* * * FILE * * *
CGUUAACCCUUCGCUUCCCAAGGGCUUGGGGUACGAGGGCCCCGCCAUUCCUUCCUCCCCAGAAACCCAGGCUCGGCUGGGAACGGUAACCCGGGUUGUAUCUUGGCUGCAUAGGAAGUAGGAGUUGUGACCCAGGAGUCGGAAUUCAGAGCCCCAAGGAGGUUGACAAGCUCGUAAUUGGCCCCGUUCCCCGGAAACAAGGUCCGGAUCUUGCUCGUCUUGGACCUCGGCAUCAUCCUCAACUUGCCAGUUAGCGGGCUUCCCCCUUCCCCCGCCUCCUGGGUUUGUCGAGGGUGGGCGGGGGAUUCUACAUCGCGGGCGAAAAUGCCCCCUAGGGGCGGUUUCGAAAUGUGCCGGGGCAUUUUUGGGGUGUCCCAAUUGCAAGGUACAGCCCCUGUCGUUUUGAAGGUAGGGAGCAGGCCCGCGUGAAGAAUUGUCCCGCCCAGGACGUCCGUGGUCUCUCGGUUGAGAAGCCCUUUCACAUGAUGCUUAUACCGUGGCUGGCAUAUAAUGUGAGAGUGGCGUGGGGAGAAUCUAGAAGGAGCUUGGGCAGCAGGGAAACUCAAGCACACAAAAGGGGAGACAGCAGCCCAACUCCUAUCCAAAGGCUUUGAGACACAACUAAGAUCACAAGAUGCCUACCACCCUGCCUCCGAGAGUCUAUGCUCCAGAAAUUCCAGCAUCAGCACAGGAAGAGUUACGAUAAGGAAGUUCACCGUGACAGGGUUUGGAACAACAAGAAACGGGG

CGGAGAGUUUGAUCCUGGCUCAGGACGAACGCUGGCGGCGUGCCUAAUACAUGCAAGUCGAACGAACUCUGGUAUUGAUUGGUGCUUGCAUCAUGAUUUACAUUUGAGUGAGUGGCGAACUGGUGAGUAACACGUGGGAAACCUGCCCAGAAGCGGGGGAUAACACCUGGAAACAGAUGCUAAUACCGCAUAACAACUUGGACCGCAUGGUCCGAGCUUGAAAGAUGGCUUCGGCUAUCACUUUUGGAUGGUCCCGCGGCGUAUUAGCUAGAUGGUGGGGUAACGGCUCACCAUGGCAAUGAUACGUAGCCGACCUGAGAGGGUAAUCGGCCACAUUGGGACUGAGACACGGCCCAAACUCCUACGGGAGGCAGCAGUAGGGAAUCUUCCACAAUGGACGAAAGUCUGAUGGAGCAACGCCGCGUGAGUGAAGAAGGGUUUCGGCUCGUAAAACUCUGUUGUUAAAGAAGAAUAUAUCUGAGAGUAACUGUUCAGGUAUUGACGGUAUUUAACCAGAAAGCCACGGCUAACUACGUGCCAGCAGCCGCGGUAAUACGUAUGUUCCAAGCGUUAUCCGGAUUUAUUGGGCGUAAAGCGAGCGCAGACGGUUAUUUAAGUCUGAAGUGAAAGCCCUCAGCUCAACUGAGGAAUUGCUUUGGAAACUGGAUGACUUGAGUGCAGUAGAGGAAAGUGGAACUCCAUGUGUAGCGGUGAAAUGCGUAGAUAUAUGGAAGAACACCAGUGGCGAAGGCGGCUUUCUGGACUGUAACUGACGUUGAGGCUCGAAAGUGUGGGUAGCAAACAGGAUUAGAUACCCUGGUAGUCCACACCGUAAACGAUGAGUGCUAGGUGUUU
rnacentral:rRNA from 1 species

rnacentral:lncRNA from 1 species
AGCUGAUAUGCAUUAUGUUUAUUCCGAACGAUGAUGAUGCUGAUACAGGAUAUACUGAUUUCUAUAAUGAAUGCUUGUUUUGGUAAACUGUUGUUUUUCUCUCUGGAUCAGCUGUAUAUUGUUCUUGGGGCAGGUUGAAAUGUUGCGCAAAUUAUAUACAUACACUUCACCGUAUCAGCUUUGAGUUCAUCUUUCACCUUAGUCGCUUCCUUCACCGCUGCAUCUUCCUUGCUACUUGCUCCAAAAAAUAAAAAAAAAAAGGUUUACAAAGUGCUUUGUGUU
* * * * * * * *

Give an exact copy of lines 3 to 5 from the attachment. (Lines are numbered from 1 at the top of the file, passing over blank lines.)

rnacentral:rRNA from 1 species

rnacentral:lncRNA from 1 species
AGCUGAUAUGCAUUAUGUUUAUUCCGAACGAUGAUGAUGCUGAUACAGGAUAUACUGAUUUCUAUAAUGAAUGCUUGUUUUGGUAAACUGUUGUUUUUCUCUCUGGAUCAGCUGUAUAUUGUUCUUGGGGCAGGUUGAAAUGUUGCGCAAAUUAUAUACAUACACUUCACCGUAUCAGCUUUGAGUUCAUCUUUCACCUUAGUCGCUUCCUUCACCGCUGCAUCUUCCUUGCUACUUGCUCCAAAAAAUAAAAAAAAAAAGGUUUACAAAGUGCUUUGUGUU